Scribblenauts, as a series, can be described as such: you, playing as an odd-hat wearing hero named Maxwell, solve puzzles by summoning objects, animals, people – you name it – by writing their name in a notepad that can bring to life (almost) anything that you could dream up.
It’s a concept that is simple as an idea alone, but in its execution can be quite impressive, as the ‘sky being the limit’ for variations is kind of a daunting developmental process.
9 years after the release of the initial Scribblenauts for the DS, the series has stayed true to the simplicity of this format, while sequentially adding more dynamic adjectives and fleshing out the game’s worlds to offer bigger adventures. Scribblenauts Mega Pack continues this trend of expansion, bringing sister-games Scribblenauts Unlimited and Scribblenauts Unmasked: A DC Comics Adventure as one collection to Nintendo Switch, Xbox One, and PS4. Ultimately, however, it’s on Switch where these games make the most sense, given the games’ portable, pick-up-and-play nature; especially for younger kids.
Both Scribblenauts Unlimited and Unmasked have a more story-based approach to their puzzles compared to the more traditional level or room-based puzzle format from which the series first spawned. But, if you’re a long time fan, don’t worry. For the most part, you’ll still be helping kittens off trees by summoning demons or, in the case of Unmasked, the superhero fighting equivalent of over-the-top solutions to simple problems.
While Unlimited feels like a more opened up, and looser iteration of the more classic style of Scribblenauts, Unmasked changes it all by giving your notepad the ability to summon almost every single existing character from DC Comics: anything from as mainstream as Batman to as obscure as Ultra The Multi-Alien. Taking notes from LEGO action games, Unmasked also brings in an element of combative puzzle solving to the game that is sure to appease its target audience of kids.
In fact, that’s where both titles shine the most: they’re the perfect kind of kid’s game that can be played alone or with an adult, as a cooperative effort. For adults alone, the repetitive nature of what the game’s offer might be a bit too much, but I can see nothing but a sea of possibilities in Scribblenauts’ creative world for a curious child.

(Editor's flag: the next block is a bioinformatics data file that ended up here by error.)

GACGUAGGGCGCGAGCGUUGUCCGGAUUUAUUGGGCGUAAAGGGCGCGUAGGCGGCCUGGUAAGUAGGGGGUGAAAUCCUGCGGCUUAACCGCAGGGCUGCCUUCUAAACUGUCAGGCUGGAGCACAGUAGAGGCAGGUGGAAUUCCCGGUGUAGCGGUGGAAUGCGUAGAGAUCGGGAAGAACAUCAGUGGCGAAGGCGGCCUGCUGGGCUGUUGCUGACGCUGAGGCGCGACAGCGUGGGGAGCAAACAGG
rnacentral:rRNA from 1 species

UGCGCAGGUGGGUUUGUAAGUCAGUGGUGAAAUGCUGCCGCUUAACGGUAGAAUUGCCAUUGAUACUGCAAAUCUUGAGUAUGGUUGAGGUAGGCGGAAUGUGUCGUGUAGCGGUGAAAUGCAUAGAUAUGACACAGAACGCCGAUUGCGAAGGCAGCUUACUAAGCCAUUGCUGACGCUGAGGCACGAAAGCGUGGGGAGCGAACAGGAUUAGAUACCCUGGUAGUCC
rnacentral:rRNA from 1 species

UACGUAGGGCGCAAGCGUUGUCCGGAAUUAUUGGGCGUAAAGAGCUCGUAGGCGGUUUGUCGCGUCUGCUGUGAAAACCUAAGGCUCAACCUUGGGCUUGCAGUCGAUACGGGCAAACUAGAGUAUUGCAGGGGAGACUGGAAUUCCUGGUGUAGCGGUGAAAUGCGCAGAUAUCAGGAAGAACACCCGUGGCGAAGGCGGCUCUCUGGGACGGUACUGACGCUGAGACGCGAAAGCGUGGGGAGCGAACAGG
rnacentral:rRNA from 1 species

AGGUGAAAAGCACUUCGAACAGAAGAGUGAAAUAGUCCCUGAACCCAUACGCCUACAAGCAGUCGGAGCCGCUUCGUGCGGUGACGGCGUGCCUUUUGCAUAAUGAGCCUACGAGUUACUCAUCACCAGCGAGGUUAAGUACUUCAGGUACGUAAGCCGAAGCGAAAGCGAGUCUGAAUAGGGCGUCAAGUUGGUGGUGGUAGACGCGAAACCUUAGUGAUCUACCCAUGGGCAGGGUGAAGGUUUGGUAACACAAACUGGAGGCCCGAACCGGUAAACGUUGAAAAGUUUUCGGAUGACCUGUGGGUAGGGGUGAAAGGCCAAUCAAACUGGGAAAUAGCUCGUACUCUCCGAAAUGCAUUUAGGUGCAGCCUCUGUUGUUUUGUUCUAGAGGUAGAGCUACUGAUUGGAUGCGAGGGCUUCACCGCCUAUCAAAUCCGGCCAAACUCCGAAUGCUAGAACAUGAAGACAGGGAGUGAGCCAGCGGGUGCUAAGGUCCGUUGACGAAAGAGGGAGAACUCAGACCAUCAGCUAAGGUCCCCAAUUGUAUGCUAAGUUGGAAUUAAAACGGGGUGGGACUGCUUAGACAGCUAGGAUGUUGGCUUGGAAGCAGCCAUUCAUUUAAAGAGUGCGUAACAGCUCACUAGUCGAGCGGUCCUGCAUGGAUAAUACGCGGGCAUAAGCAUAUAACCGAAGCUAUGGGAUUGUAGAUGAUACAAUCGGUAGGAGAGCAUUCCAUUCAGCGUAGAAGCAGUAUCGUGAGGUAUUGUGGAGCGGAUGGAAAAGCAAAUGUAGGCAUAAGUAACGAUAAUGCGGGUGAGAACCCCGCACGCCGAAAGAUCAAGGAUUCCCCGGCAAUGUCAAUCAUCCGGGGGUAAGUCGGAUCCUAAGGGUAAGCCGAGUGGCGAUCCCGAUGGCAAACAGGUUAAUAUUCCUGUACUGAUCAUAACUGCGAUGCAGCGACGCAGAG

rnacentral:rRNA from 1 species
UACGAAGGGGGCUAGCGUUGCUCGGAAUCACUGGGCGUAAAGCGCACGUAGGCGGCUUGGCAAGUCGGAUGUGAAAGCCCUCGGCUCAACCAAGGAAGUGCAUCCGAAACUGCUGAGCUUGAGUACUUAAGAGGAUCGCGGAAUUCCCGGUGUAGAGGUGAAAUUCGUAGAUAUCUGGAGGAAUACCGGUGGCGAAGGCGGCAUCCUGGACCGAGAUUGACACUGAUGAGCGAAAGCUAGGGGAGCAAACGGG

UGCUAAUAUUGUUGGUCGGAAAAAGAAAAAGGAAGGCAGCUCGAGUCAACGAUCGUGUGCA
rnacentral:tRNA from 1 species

The novelty of Scribblenauts, with being able to type in whatever you’d like from the real world and have it conjured up, is still here. Much like the original game when I first played it, stopping progress just to type in whatever comes to mind seeing if it would show up can still be a pleasant time-waster. If I had this game at a young age, you can bet that’s what I would have done for the most part. Especially in Unmasked, its seemingly endless plethora of DC comic characters is a joy in itself, but the addition of a “Hero Creator” mode helps to add to that as well.
That’s not to say that adults wouldn’t be able to enjoy this collection, but it’s as a game for children where I believe it shows its strengths.
Unfortunately, the Switch version of the game doesn’t offer a touch keyboard, instead utilizing a rotary typing system. This system, I find, might be a little too difficult for the younger kids to grasp on their own, and lacks the very direct nature of typing or using the stylus in the original 3DS versions of these games. By no means is this a deal-breaker, and you do get used to the game’s weird button-based keyboard, but it’s definitely a missed opportunity considering the Switch’s capabilities.
Ultimately, this little quirk aside, the Scribblenauts Mega Pack for Switch offers a good time and is generally as wholesome as you can get when it comes to finding entertaining yet sufficiently challenging games for family night.
There’s just not much negative you can say when a series with such a simple concept executes it well and continues to do so with each iteration. Given the popularity of brainy games for kids, I couldn’t recommend something like this enough to parents who like solving puzzles and mysteries with their kids.